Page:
Juniperus virginiana L.

  • Family: Cupressaceae
  • Common names: eastern red cedar, red cedar, juniper

    Small or medium-sized evergreen coniferous tree to 10 m (35 ft) tall and 50 cm (20 in) in diameter. Bark brownish, soft, fibrous, and shreddy. Leaves of adult branchlets tightly appressed, broadly deltoid, obtuse or subacute, entire, about 1.5 mm (0.06 in) long. Cones berrylike, dark purple and glaucous when mature, one- or two-seeded, 6-10 mm (0.25-0.4 in) in diameter.

    Distribution: The species is found from the Gulf Coast north to New England, Kentucky, Missouri, and Oklahoma.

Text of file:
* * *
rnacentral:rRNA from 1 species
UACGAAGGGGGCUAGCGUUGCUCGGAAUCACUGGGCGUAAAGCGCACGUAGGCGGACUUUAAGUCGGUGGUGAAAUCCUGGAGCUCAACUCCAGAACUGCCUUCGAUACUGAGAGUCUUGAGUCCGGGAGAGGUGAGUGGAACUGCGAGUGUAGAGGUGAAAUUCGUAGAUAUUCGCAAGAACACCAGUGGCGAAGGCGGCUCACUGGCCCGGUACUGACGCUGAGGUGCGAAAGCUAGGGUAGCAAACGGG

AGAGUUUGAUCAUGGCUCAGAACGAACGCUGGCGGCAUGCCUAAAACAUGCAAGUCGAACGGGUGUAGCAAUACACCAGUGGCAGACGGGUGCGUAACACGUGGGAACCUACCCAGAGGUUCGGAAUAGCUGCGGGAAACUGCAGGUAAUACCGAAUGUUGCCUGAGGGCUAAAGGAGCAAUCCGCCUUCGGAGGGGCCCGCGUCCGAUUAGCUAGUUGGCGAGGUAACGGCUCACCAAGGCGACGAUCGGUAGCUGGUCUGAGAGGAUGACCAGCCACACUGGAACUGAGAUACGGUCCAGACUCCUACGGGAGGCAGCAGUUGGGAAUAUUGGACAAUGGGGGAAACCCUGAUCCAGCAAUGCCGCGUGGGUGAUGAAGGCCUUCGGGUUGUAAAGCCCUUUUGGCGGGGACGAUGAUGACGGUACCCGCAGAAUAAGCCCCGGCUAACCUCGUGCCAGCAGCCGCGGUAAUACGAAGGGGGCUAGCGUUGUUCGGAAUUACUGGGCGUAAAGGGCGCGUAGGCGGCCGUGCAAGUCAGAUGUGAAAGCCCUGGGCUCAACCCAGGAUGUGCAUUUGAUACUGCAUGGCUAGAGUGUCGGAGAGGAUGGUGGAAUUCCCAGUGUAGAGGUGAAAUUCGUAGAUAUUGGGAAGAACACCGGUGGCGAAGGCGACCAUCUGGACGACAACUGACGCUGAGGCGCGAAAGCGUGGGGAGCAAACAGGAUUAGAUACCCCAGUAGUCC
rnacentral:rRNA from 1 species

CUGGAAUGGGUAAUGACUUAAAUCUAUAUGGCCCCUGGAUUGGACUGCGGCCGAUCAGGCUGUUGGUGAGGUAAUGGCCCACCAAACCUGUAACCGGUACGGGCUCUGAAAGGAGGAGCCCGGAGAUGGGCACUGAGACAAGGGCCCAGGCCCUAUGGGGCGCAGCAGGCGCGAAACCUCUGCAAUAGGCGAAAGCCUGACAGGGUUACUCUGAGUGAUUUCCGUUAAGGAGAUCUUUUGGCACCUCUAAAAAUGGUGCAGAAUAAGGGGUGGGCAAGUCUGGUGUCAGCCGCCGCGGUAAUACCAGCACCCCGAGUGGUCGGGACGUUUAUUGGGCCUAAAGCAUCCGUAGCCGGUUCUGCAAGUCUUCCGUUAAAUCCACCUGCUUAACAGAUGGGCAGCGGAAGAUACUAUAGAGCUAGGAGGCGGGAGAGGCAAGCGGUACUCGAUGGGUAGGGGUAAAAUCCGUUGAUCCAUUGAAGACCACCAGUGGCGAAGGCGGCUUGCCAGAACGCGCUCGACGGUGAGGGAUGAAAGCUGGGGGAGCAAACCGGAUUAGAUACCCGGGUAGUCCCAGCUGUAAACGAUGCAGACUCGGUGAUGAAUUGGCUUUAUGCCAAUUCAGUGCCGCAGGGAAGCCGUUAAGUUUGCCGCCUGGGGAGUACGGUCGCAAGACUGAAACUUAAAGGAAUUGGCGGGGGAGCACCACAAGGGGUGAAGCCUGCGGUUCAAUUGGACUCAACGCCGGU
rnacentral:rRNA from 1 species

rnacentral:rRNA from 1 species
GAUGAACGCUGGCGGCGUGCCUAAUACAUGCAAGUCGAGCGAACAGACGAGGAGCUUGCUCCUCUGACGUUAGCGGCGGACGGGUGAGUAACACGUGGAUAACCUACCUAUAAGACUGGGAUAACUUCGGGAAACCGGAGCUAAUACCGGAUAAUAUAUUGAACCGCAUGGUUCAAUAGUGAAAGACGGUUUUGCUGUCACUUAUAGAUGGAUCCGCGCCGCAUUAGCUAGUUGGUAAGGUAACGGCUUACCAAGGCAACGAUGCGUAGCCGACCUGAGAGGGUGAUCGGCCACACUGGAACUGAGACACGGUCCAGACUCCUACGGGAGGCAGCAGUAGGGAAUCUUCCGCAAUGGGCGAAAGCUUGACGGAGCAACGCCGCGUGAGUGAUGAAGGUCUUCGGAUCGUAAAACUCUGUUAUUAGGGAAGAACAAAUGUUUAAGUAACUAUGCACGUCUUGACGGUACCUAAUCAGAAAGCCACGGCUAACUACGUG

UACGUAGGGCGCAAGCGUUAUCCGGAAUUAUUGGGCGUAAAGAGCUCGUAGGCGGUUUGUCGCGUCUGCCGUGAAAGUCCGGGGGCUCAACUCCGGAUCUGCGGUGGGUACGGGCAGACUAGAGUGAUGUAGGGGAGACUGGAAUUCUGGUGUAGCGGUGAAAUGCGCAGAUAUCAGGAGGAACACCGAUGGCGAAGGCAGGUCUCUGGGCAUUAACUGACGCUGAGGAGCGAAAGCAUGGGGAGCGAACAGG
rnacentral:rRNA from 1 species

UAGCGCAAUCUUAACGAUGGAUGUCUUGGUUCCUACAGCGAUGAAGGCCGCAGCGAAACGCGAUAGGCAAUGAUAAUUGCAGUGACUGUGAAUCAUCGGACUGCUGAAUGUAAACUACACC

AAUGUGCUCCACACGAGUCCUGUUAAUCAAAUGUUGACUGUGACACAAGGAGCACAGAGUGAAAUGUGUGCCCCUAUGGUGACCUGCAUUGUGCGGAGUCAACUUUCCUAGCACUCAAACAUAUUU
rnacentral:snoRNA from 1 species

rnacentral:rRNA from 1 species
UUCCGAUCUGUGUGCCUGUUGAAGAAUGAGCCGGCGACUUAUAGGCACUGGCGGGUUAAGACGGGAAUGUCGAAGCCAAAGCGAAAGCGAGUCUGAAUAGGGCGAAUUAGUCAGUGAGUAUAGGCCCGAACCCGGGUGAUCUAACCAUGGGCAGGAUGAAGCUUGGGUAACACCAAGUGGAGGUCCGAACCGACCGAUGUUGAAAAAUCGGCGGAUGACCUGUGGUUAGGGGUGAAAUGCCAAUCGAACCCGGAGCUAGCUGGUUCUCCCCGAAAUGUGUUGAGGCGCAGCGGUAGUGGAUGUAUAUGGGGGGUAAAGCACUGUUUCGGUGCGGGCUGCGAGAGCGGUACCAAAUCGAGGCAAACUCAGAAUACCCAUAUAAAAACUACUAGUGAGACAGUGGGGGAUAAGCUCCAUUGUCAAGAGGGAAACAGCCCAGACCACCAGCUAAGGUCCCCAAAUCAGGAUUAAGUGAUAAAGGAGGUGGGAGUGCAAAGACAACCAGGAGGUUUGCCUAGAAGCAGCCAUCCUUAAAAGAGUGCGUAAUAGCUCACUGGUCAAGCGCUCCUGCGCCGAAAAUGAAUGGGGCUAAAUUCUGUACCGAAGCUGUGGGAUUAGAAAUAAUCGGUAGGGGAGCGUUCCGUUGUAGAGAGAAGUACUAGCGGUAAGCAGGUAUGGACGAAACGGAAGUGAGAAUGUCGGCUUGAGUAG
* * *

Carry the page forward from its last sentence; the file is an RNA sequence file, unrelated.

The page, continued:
Habitat: Red cedar is found in most habitats in Oklahoma, but is most abundant in old fields and grasslands that have been protected from fire.
    NWI status: FACU-
    Comment: Young red cedars are intolerant of fire, and the species was uncommon in Oklahoma before the country was settled. Juniperus is the ancient classical name for the old-world junipers; virginiana refers to the Virginia Colony, where it was discovered.

    Distribution in Oklahoma:

    Last update: 9/14/99
    Go to Oklahoma Biological Survey Home Page